For 2021 - online Python 3 training - see ((here)).
Our plans were to retire in summer 2020 and see the world, but Coronavirus has lead us into a lot of lockdown programming in Python 3 and PHP 7.
We can now offer tailored online training - small groups, real tutors - works really well for groups of 4 to 14 delegates. Anywhere in the world; course language English.
Please ask about private 'maintenance' training for Python 2, Tcl, Perl, PHP, Lua, etc.
su or su - ... what is the difference?
If you're wanting to do admin work on a Unix or Linux system, you'll probably need to be logged in as the administrator. However, you're likely to find that you're not allowed to log in as root directly, and that you have to use the su
command. Strictly speaking, "su" stands for "Substitute User" and you can give a user name as a parameter, but the default is to take you to root once you have given the root password.
One of the things that puzzles newcomers is the two flavors of su - "su
" and "su -
". What is the difference?
on its own, you retain the environment of the user that you're transferring from - so the current directory remains the same as does the path to executable files
With su -
, you are given a new root environment - you are taken to root's home directory, and you are given a new environment so that the path to executable files changes to that which has been set up for root
A Rule for newcomers
... ALWAYS use su
WITH the minus. You might find it irritating that it takes you to root's home directory from the directory you want to work in BUT it also (a) ensures that you have all the administrator's commands available in your path and (b) it provides you with a path which is likely to be safer than a user's path - and that's especially the case if a user has called you over and asked you to fix something for him.
Compare these two examples:
[trainee@easterton ~]$ su
[root@easterton trainee]# ls
Your disc has been scrubbed clean!
[trainee@easterton ~]$ su -
[root@easterton ~]# ls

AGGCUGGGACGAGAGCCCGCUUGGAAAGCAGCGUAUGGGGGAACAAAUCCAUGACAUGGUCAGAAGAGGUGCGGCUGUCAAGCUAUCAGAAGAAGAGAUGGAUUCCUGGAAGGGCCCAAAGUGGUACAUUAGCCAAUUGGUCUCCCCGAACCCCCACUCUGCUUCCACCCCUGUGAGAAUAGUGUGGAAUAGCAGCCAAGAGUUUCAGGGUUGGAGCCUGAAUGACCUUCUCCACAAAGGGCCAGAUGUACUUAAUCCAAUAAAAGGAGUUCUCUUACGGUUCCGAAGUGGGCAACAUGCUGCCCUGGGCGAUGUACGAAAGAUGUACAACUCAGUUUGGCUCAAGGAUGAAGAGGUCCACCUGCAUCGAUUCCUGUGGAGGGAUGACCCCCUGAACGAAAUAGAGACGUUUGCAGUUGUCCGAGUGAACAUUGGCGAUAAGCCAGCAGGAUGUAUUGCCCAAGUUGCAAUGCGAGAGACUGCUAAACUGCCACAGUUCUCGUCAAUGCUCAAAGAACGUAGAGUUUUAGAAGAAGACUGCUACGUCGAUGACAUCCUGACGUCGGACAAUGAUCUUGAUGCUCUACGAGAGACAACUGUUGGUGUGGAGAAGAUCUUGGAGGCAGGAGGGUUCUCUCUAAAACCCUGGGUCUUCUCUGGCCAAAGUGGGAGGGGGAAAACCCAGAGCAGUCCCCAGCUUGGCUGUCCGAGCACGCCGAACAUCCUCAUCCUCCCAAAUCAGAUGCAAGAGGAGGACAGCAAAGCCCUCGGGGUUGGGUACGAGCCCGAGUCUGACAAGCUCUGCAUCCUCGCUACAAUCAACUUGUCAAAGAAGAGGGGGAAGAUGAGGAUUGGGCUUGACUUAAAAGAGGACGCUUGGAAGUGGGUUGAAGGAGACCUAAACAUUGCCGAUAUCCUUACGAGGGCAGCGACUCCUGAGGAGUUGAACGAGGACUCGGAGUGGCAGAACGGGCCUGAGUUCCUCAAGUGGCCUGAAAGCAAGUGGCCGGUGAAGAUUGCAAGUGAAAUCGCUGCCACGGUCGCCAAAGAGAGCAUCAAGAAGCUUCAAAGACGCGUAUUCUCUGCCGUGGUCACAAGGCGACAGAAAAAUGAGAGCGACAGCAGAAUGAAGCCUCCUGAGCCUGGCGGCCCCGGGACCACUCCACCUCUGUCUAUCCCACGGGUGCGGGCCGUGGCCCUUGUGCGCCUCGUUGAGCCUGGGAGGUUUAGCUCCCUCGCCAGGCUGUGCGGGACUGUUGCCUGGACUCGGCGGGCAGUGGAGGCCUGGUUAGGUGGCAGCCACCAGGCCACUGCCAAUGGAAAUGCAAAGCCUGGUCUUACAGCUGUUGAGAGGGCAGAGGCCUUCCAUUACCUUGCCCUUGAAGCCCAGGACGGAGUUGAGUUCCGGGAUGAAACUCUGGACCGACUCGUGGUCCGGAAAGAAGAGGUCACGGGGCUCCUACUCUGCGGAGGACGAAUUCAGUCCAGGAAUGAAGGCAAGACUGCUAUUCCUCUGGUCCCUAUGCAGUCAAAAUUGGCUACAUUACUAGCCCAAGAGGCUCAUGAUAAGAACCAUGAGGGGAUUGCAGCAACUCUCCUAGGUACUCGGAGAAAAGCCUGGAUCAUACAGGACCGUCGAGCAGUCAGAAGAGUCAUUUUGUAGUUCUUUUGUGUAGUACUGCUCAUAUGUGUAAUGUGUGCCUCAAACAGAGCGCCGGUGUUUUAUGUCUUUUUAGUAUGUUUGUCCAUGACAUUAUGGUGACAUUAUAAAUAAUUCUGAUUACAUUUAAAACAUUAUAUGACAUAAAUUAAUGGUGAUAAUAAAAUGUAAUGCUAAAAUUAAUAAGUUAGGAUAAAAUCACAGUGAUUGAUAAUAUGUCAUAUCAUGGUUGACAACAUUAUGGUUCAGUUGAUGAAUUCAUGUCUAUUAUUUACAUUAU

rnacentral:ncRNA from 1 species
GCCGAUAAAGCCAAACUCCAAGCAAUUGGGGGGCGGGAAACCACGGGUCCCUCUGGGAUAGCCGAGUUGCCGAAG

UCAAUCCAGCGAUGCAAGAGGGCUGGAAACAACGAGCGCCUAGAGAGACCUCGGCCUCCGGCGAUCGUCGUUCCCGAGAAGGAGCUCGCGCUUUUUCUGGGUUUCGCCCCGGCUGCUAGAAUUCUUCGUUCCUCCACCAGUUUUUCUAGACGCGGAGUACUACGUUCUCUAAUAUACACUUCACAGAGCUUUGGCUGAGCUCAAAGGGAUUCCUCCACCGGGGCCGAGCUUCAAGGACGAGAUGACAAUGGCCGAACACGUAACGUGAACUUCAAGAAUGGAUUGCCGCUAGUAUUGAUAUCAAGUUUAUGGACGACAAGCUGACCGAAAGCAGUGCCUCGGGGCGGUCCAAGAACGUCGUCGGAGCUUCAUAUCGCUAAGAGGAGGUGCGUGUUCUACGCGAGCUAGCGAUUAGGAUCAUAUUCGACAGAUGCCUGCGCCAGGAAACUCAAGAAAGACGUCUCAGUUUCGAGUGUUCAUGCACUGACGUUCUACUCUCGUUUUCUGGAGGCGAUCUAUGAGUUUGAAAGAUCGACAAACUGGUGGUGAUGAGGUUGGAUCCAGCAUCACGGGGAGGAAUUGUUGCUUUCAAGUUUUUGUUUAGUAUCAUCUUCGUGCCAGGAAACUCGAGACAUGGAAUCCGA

anaconda-ks.cfg install.log install.log.syslog
In this example, our user has added the current directory - that's "." - onto the start of his path and has an executable file called ls
in that directory. Fortunately that was just for a demonstration - the new ls
command just echoed a rather worrisome message.
We cover this subject (and others) on our Introduction to Linux Admin
course which is also available as part of our Deploying LAMP training course
(written 2010-02-17, updated 2010-03-03)
Associated topics are indexed as below, or enter http://melksh.am/nnnn for individual articlesA161 - Web Application Deployment - Users and Groups 
Functions and commands with dangerous names - (2005-08-11) 
File permissions of Linux and Unix systems - (2005-08-31) 
Supporting users on Linux and Unix - (2006-04-13) 
Setting up a new user - Linux or Unix - (2008-03-26) 
User and Group settings for Apache httpd web server - (2008-04-22) 
Looking for files with certain characteristics (Linux / Unix) - (2008-05-22) 
The Longest Possible Day - (2008-08-26) 
sstrwxrwxrwx - Unix and Linux file permissions - (2008-11-23) 
Ruby, Perl, Linux, MySQL - some training notes - (2008-11-23) 
Ask the Tutor - Open Source forum - (2009-03-25) 
Choosing a railway station fairly in PHP - (2009-04-04) 
Always use su with minus. And where do programs come from? - (2009-05-27) 
Mistaken identity? - (2009-07-22) 
Root is root for a reason! - (2009-11-03) 
Linux Web Server - User Roles, User Accounts, and shared administration - (2013-03-16)
Some other Articles
Relating tables with joins in MySQLWhat does a web application look like under Tomcat?Object Oriented Programming in PHPHow is your tax pound spent?su or su - ... what is the difference?Finding what has changed - Linux / UnixCourses - Melksham and elsewhere - until the end of AprilLinux - useful tips including history and file name completionA PHP example that lets your users edit content without HTML knowledgeLondon to and from Melksham by public transport
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This is a page archived from The Horse's Mouth at
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